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Today marks my official declaration of fidelity and discipleship to the Path of Immersion. Along with that declaration, I also invite you to join me in whatever capacity feels the most suitable. The Path of Immersion is not one which demands conversion, evangelism, worship, or exclusivity. Along this path, I am no master, for there are no masters, clergy, or established hierarchies in this discipline, only students. I do however, welcome companions.
Project Conversion was the vehicle by which I arrived at the Path of Immersion, so let’s briefly explore the four steps along that journey, culminating in the present. This path pervades many traditions and can apply to your personal journey as well.
Presentation of Change:
Every good story involves what Joseph Campbell’s The Hero’s Journey calls the “Call to Action.” This is the impetus which fuels the abandonment of one’s normative experience and segues them onto a path of transformation. We all receive this call, this presentation of change, at least once in our lives, but not everyone answers. This presentation of change might represent anything, from adopting a healthier lifestyle, to launching a social justice movement, or even the precipice of conversion.
My personal presentation of change came when I realized I could no long hate others simply for harboring religious faith.
Accepting the Cost:
The reason we often refuse the call is simple: Cost.
All change, as is represented in one of my favorite symbols, the phoenix, requires the death or reduction of something in order to manifest another. The phoenix bursts into flames, reducing itself to ashes, only to be reborn. In the Path of Immersion (which involves any degree of change), one must accept the cost of that experience, the transfer of energy toward something new.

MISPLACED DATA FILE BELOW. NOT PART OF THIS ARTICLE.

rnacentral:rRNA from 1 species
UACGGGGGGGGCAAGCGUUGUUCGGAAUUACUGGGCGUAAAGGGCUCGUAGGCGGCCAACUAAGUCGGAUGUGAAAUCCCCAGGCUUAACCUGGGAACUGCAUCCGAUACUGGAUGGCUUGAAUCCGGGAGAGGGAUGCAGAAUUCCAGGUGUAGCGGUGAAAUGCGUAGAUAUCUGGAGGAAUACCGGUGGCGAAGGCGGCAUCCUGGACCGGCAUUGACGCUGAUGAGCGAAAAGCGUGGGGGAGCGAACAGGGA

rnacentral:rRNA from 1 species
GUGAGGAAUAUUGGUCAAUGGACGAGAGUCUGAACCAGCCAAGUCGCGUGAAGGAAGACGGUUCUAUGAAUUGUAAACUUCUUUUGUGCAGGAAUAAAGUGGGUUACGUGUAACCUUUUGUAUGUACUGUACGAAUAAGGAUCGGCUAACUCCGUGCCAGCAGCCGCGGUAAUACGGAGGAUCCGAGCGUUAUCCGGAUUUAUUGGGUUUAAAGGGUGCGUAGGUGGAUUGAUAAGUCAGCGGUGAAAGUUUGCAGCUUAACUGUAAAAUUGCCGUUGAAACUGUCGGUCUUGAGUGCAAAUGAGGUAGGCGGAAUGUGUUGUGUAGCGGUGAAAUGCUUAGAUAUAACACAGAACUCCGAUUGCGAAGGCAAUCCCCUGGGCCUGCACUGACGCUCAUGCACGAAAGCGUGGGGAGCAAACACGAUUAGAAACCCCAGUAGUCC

This cost might include the suspension of prejudice, inflated ego, a span of time, the risk of losing family, friends, or even one’s life. Nothing in this world is free. Destruction then, becomes the cradle of creation.
The cost of Project Conversion included a year of my life, the patience and endurance of my family, and my former preconceived notions about people of faith.
Taking the Plunge: Immersion:
The Path of Immersion is stepping off the pier of our comfort zone into unknown waters without reservations, and accepting whatever outcome awaits once we break the water’s surface and inhale as a new creature for the first time.
When we plumb the depths of another life or perspective, we invariably swim deeper within ourselves. Humanity then, for the Immersionist, becomes a network–a map–guiding us toward glorious treasures used in the commerce of experience and compassion.
Project Conversion involved completely immersing myself into the lives and perspectives of people I once loathed.
Neo Genesis: A New Beginning:
The waters of transformation are the cocoon in which metamorphosis occurs. That said, just as the butterfly must break free, so must the Immersionist crest those waters and take her first breath as a new creature. This is why the Buddha instructs us to leave behind the raft once we reach the other side of the river. Although the experience of transformation is important, it can become an anchor to our new selves. The Path of the Immersionist then, is a constant cycle of growth and shedding, creation and deconstruction, the phoenix burning and raising anew from the fertile ashes of experience.
Therefore an Immersionist knows that just as there are ever deeper seas to explore, a master in this Path is a student humbled, and therefore perfected.
Above all, the Path of Immersion is a discipline of transformation. Indeed, no science is more subversive, humbling, or liberating as the study of one’s self. The Immersionist goes spelunking into the depths of humanity and the variety of ideals, and with each return gains a larger perspective and a greater appreciation for nuance.
I hope you’ve enjoyed this brief introduction on the major points of the Path of Immersion. Have you received a “presentation to change”? How do you think you can apply these techniques in your life, faith, or philosophy?